In fact, to help you out with your decision, I sat down with my son (who had never built a computer) and had him unbox and assemble the Intel NUC kit I went with. Check out this short video that goes through it all and has me nerding out a little on the stuff that is going to be so great for photographers.
If that all seems to scary for you, check out the recommendations on fully assembled Intel NUC options that will all be great for photographers wanting to run Lightroom and Photoshop (some more great than others).
Even if you aren’t building your own kit, I find it helpful to walk through the choices photographers have to make with the Intel NUC so that you can decide which is the best fit for you. Here are those choices in order of importance (what you should spend your hard earned money on first).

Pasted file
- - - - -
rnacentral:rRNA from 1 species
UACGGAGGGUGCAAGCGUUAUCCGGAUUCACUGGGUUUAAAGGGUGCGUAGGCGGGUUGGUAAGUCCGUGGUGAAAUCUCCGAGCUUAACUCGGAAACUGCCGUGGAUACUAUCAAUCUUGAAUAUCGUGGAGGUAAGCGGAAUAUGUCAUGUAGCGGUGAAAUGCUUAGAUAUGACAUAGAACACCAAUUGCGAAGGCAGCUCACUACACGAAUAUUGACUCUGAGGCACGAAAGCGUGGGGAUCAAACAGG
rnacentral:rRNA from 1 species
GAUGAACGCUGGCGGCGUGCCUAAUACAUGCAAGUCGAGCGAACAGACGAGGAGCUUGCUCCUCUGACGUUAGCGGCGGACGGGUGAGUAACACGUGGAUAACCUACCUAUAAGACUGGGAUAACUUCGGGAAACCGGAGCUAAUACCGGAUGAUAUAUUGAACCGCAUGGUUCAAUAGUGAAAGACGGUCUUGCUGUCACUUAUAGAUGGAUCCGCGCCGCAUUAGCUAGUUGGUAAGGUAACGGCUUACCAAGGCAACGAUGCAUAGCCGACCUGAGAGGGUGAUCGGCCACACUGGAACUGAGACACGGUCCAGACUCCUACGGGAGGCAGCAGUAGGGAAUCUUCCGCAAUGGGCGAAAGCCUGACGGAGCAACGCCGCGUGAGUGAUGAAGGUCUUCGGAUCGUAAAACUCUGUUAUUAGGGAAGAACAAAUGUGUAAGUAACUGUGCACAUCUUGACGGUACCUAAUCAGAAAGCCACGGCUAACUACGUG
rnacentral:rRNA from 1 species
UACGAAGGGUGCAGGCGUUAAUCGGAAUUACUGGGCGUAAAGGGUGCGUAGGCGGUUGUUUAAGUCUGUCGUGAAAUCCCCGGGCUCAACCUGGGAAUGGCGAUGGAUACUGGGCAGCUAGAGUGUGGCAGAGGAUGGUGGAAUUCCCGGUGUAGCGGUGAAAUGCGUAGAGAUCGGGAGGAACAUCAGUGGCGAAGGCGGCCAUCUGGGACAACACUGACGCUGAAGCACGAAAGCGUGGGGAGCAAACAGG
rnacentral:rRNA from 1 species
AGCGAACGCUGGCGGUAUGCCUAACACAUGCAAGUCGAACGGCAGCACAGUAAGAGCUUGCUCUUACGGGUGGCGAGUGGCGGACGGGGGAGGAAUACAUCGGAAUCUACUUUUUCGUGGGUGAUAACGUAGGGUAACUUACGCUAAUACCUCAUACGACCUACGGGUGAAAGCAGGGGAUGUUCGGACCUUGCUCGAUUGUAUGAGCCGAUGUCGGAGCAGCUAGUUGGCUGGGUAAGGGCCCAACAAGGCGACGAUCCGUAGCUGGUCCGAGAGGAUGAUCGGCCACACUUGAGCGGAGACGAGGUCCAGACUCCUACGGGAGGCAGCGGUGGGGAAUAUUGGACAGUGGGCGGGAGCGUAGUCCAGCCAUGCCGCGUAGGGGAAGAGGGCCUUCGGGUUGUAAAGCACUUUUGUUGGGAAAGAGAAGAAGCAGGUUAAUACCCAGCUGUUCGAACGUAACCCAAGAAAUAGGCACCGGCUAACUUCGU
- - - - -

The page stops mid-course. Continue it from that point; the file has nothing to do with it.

Intel NUC Processor (CPU) For Photographers
First up, the most important factor in a photo editing computer, the CPU or processor. You have choices between Intel Core i3, Core i5, and Core i7. I recommend the Core i7 because both Lightroom and Photoshop want as much processor as they can get. This is the place photographers should spend their budget first.
I also want to explain that these processors in the Intel NUC are laptop versions. They are about 25% less powerful as a desktop CPU for multi-threaded computation.
So why would you want to get an Intel NUC computer for your photo editing when it is 75% slower than a real desktop PC? Two reasons:
- It isn’t 75% slower on everything. For most of what you do in both Lightroom and Photoshop (single-threaded computing), the processor is only about 13% slower. Yet the cost of the processor in the Intel NUC is about 75% cheaper than a comparable desktop version. You can save money and still get most of the performance while running Lightroom and Photoshop!